Kenny Lopez


Canopy is an online education platform that equips aspiring stock traders with the right tools to enable them to make smart investments and to communicate with professionals about their trading strategies.


For this client project, we were tasked with creating Canopy’s first mobile-optimized website where users learn how to trade stocks.


During the development phase, I worked on the User Experience and Interface components. I then created the clickable prototypes using Pixate.

Design Process

User Research

We created an interview guide to investigate user behaviors around learning preferences and motivations and pain points around personal finance. We interviewed two groups of people:

From this procedure, 3 main pain points were discovered.


During the brainstorming process we narrowed in on the following top 5 ideas. From these 5 we decided to move forward with our our top 2, Roadmap and Short Lessons.

For the Roadmap, we started to develop concepts with a Card UI, progress levels for each course, and icons for each course. For the Lessons, we converged on the idea of dividing the lesson into small pieces, incorporating quiz questions, and some sort of lesson summary.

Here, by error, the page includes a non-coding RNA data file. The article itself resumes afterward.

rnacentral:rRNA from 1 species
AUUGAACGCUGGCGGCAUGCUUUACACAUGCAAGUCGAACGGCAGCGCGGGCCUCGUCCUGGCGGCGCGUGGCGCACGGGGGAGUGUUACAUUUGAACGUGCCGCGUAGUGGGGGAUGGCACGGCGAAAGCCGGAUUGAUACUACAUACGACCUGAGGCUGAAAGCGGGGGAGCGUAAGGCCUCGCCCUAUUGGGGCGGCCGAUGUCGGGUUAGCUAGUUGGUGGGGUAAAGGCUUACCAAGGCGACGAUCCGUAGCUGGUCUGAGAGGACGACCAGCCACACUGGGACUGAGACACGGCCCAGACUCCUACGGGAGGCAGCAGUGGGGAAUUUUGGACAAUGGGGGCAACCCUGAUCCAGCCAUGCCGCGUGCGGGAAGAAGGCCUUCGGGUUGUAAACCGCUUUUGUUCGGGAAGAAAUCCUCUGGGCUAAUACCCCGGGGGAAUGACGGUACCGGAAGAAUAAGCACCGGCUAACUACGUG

Top 5 initial Brainstorm ideas

Sketch | Wireframe | Design

We created mid-fi mockups, made provisional visual design choices, defined a taskflow, and built a prototype. The mid-fi mockup incorporated the elements we converged on in the ideation phase and started to have a more cohesive visual look.

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The initial color palette we looked at was colorful, yet grounded. It had a primary green color with some complementary and analogous options to support it. We also decided on Avenir as the font for Canopy. The typeface is friendly, while still serious and authoritative.

Usability Testing

For the first round of usability testing, we created a clickable prototype and interviewed 6 people within Canopy’s demographic. Some of the main insights were that people did not understand the locked lessons or the concept of the cheat sheet and were slightly confused by the lesson architecture. There were many positive responses to the progress bar within the lesson.

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Using the results gathered from round 1, we iterated and conducted a second round of usability testing with a high-fidelity prototype. In this iteration we decided to remove the color from the key term as well as the quit button.

Final Version

Finally, hi-fi mockups were created which incorporated the insights from earlier usability testing.

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Additionally, a final color palette using only an analogous scheme was chosen in order aid in scalability.